When you come fly with these men, it’s always a jingle-jangle morning. Not the biggest guitar group of the 60s, but arguably the one with the furthest reach into the future (the longest tail, if you like), the Byrds are in one unique sense contemporaries of Les Dawson: so adept at playing their instruments they can kick all of that knowledge into the long grass and make it sound like they’re only just discovering how to get sounds out of them for the very first time. It feels like there’s Mingus in the jumble-sale thrown by McGuinn, Clark, Hillman, Crosby and Clarke in the middle of what remains, on paper, a sweet-natured pop tune about being high and looking down on creation. (Actually, the statute books tell us that Crosby had turned the others onto Ravi Shankar and John Coltrane on the tour bus.)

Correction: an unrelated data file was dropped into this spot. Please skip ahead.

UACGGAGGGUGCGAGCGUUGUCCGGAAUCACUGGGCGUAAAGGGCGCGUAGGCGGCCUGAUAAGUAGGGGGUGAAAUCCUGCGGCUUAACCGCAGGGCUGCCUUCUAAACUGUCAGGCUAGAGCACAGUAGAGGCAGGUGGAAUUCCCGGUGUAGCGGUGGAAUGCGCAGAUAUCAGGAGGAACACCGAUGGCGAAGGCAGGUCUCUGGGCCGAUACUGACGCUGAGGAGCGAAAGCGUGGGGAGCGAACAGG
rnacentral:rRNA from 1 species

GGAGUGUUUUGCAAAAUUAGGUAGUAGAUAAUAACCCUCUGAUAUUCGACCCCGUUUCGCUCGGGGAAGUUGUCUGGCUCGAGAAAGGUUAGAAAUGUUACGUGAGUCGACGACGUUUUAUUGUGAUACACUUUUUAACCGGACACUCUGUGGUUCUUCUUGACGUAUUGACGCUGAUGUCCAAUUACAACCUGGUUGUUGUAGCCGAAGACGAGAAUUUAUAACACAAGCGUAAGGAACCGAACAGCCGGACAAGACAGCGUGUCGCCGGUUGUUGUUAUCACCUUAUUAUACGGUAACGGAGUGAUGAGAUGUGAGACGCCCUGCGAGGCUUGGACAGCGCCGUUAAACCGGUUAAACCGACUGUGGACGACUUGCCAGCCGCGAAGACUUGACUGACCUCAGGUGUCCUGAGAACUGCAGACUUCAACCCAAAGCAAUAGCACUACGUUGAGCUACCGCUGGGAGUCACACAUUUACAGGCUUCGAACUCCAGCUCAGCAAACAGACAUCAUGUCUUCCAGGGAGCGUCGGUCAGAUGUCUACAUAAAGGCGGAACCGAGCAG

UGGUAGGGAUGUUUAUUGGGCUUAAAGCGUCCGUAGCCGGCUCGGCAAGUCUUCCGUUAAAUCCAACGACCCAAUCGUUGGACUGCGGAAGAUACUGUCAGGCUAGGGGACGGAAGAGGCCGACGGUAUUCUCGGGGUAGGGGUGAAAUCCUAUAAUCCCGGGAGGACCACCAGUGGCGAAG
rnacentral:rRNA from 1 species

Regardless of what went in at the other end, or how much sway producer Allen Stanton had over proceedings, there’s a massive attack in the way these musicians cook the hooks – even in the way they shake a tambourine, man – and it’s what sets Eight Miles High eight miles apart from the more house-trained likes of All I Really Want To Do and So You Want to Be a Rock & Roll Star, which are designed to make you feel a whole lot better.

Hadn’t they read the songwriting manual? Did they not want to be rock & roll stars? (They look every inch like they do, in their shades, and their suedes, and their tassels, and their Paisley, and the occasional cape, all lined up, a straight-legged groove machine.) It was not yet officially the age of Aquarius, and songs began with an intro, followed by a verse, a chorus, then another verse, a bridge, then back for a final chorus and fade. Albums were where the noodling went on – the navel-gazing and the barrier-pushing – not singles. And certainly not lead-off singles (Eight Miles High was released in March 1966; the LP followed after the second single, 5D, in July).